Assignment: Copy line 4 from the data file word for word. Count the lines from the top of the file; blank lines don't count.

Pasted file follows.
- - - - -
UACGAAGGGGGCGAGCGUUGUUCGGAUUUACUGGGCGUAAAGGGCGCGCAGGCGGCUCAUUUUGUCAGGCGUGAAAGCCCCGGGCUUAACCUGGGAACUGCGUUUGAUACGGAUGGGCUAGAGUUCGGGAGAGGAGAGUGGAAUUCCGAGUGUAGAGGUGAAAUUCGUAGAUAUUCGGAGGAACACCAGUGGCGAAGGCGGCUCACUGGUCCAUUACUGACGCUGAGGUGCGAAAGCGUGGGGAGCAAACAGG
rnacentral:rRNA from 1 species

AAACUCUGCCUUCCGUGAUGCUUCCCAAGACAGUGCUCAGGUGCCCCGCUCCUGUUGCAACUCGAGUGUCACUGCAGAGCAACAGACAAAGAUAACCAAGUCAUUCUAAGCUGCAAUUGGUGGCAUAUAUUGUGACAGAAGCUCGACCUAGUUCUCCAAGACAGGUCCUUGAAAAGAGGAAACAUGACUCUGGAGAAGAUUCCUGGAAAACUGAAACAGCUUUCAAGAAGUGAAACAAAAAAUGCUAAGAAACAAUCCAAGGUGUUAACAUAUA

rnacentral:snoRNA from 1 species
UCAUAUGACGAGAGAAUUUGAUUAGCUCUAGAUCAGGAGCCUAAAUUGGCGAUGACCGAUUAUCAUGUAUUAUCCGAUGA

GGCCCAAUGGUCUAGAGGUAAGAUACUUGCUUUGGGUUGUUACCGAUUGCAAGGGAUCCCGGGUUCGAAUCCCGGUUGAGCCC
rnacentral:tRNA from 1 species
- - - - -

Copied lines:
rnacentral:snoRNA from 1 species